Title of Project:
ARCO – Effect of Axial Restraint on the Seismic Behaviour of Shear-Dominated COupling Beams
Hosting Research Infrastructure:
No. of Users:
University of Liege
University of Lisbon
Miguel Pedrosa Ferreira
Aarhus University School of Engineering
Lars German Hagsten
Summary of Project:
Reinforced concrete coupled walls are an efficient structural system for medium to tall buildings which provides large stiffness and strength against wind and seismic loads. The coupling of the individual wall units is typically provided by short and stiff coupling beams which deflect in double curvature with high shear stresses, and therefore are susceptible to brittle shear failures. At the same time, in regions of high seismicity, the coupling beams are required to possess large ductility and energy dissipation capacity. However, while a number of experimental programs have been performed to evaluate the ductility and complete cyclic response of coupling beams, the boundary conditions used in the tests deviate in an important detail regarding the boundary conditions encountered in real structures. In coupled wall systems the stiff walls and floor diaphragms restrain the elongation of the beams due to cracking and yielding, and this generates compression in the beams influencing their ductility. Because past experimental studies have almost exclusively neglected this effect, it is not captured by current models for coupling beams and it is not included in code provisions such as EC8 Part 3 for the performance-based seismic evaluation of existing buildings.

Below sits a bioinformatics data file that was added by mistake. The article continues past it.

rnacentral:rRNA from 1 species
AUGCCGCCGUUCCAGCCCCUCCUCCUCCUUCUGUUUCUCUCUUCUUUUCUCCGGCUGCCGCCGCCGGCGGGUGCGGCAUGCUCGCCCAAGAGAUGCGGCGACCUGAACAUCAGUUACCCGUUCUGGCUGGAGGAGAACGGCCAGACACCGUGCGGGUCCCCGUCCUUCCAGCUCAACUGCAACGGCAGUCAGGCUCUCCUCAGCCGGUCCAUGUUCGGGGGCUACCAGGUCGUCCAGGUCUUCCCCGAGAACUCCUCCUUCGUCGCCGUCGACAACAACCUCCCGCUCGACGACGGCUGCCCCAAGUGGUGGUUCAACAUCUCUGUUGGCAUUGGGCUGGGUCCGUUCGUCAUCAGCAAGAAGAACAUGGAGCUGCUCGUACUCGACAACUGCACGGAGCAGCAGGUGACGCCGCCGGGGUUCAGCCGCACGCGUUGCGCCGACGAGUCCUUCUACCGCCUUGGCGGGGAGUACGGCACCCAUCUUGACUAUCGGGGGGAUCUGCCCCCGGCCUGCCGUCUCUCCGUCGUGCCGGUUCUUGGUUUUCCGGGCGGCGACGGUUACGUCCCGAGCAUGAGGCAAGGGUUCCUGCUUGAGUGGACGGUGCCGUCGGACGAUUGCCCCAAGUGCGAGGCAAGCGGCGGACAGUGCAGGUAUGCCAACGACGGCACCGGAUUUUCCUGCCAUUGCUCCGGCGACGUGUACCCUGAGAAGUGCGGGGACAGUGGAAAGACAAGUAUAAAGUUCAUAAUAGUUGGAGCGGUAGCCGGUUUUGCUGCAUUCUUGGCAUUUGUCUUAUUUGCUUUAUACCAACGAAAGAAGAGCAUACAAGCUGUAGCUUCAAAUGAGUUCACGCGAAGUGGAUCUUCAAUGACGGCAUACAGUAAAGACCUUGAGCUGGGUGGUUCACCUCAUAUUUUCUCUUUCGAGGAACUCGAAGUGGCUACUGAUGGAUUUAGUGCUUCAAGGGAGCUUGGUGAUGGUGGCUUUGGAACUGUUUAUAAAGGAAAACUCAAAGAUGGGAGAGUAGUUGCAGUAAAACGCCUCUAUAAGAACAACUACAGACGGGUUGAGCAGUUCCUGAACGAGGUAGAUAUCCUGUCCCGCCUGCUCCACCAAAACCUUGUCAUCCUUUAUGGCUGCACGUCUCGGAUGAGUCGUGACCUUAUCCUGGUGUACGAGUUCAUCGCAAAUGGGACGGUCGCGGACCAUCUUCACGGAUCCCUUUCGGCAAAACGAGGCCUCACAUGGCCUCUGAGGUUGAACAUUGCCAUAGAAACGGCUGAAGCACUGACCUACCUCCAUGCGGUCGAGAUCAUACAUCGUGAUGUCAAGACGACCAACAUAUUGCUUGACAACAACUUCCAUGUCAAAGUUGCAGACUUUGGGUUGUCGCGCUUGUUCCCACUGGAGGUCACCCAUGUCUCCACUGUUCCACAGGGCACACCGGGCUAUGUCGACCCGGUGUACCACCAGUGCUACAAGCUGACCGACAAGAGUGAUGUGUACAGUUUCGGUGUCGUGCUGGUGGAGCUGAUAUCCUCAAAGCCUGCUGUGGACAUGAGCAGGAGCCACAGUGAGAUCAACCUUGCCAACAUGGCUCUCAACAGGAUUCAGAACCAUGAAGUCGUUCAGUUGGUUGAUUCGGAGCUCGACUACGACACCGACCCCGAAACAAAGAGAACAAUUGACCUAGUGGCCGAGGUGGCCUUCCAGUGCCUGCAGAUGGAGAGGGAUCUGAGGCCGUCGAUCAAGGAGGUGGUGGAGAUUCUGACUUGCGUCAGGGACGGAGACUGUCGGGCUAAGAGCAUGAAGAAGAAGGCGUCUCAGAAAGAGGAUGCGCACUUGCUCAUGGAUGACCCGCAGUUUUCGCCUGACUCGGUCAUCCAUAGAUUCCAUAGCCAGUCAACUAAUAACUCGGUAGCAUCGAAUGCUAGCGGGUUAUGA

To address the identified gap of knowledge, this research project will focus on testing to failure of coupling beams with various levels of axial restraint. As coupled wall systems built before the 1970s are the most susceptible to brittle failures, the test specimens will feature conventional orthogonal reinforcement which does not meet the current design requirements. Three nominally identical coupling beams will be tested to failure under reversed cyclic loading and variable level of axial restraint to investigate the effect of the restraint on their seismic performance. Furthermore, while the first three specimens will be subjected to a conventional loading protocol with a gradually increasing displacement magnitude, a fourth beam will be tested under a large inelastic pulse in one direction followed by a push to failure in the opposite direction. Even though this loading scenario is realistic and can cause severe strength degradation, it has been neglected in experimental studies.
One of the most innovative aspects in the project will be the evaluation of the components of shear resistance based on detailed deformation measurements. This new experimental evidence will have a significant impact not only on the modelling of coupling beams, but a variety of critical regions and elements such as deep girders, short walls, short columns, beam-column joints. Finally, the original experimental study will be used to advance an innovative kinematics-based approach along with stress-field and plasticity models in order to capture the effect of axial restraint, and to integrate these models into the framework of EC8 Part 3 for the seismic evaluation of existing buildings.